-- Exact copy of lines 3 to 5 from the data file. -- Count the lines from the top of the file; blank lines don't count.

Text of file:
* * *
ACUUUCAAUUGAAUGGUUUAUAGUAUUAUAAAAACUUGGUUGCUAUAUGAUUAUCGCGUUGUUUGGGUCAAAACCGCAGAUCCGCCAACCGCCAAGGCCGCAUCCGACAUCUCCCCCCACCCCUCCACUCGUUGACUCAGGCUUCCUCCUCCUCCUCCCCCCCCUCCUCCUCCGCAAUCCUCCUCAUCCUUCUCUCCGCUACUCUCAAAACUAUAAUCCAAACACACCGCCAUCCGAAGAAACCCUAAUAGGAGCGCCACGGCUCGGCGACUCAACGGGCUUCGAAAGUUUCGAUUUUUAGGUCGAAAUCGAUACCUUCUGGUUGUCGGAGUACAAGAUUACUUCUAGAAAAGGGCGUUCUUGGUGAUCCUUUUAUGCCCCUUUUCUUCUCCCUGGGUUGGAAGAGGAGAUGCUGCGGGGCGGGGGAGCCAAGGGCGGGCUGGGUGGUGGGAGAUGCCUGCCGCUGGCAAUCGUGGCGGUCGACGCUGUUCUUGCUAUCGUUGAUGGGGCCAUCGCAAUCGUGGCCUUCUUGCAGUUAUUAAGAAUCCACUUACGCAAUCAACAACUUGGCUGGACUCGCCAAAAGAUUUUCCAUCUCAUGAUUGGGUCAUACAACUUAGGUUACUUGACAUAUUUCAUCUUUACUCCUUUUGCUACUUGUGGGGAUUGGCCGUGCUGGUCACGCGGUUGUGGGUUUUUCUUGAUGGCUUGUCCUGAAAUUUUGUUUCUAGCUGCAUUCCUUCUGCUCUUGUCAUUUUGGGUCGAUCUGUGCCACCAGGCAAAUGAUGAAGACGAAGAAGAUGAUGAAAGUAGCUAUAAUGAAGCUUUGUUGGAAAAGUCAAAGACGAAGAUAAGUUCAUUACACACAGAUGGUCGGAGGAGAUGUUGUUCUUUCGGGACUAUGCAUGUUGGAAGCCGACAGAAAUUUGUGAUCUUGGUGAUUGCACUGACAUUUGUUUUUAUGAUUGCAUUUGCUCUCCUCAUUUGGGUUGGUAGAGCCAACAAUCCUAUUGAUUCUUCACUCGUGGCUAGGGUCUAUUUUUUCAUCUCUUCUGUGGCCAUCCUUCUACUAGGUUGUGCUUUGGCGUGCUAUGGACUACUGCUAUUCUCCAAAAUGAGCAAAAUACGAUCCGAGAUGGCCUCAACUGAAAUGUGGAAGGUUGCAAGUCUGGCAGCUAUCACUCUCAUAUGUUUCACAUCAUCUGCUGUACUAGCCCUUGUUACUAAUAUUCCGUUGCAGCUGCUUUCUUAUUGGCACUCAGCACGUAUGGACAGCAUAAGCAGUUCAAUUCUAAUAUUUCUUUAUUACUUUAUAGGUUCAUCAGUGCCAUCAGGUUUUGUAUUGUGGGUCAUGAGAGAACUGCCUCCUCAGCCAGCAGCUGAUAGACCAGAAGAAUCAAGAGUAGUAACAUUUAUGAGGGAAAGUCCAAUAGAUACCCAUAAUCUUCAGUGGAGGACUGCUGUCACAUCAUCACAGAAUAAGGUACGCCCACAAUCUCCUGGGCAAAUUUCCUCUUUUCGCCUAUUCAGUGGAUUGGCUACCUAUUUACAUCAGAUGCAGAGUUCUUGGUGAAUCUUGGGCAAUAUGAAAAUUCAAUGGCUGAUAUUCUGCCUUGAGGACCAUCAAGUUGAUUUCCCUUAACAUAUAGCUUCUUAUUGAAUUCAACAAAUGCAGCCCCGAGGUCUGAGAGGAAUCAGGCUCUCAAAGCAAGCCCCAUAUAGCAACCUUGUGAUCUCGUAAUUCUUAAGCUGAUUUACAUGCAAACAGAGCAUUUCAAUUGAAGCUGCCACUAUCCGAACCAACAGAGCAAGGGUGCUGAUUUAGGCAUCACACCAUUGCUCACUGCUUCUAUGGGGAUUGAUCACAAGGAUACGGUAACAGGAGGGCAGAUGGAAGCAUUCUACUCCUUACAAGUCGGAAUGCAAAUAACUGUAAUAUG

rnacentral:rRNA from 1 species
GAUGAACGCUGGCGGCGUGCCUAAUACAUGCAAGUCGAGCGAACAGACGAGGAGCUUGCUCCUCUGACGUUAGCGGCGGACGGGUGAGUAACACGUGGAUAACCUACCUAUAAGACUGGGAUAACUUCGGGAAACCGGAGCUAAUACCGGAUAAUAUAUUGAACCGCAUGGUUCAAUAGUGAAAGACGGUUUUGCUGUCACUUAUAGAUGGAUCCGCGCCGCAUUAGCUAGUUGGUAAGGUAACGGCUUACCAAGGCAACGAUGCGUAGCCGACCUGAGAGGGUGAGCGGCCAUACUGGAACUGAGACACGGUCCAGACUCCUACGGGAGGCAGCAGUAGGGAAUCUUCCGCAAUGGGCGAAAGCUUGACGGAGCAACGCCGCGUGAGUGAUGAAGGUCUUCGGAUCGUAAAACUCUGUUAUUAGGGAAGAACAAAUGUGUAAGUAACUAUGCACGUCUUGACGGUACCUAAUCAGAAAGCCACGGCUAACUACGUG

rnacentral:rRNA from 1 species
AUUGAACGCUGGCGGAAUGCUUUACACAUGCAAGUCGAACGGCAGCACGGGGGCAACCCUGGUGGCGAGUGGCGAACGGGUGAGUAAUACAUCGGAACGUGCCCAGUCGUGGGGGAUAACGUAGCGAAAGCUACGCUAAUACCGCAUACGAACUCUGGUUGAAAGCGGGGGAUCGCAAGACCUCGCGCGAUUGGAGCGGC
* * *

GAUGAACGCUGGCGGCGUGCCUAAUACAUGCAAGUCGAGCGAACAGACGAGGAGCUUGCUCCUCUGACGUUAGCGGCGGACGGGUGAGUAACACGUGGAUAACCUACCUAUAAGACUGGGAUAACUUCGGGAAACCGGAGCUAAUACCGGAUAAUAUAUUGAACCGCAUGGUUCAAUAGUGAAAGACGGUUUUGCUGUCACUUAUAGAUGGAUCCGCGCCGCAUUAGCUAGUUGGUAAGGUAACGGCUUACCAAGGCAACGAUGCGUAGCCGACCUGAGAGGGUGAGCGGCCAUACUGGAACUGAGACACGGUCCAGACUCCUACGGGAGGCAGCAGUAGGGAAUCUUCCGCAAUGGGCGAAAGCUUGACGGAGCAACGCCGCGUGAGUGAUGAAGGUCUUCGGAUCGUAAAACUCUGUUAUUAGGGAAGAACAAAUGUGUAAGUAACUAUGCACGUCUUGACGGUACCUAAUCAGAAAGCCACGGCUAACUACGUG

rnacentral:rRNA from 1 species
AUUGAACGCUGGCGGAAUGCUUUACACAUGCAAGUCGAACGGCAGCACGGGGGCAACCCUGGUGGCGAGUGGCGAACGGGUGAGUAAUACAUCGGAACGUGCCCAGUCGUGGGGGAUAACGUAGCGAAAGCUACGCUAAUACCGCAUACGAACUCUGGUUGAAAGCGGGGGAUCGCAAGACCUCGCGCGAUUGGAGCGGC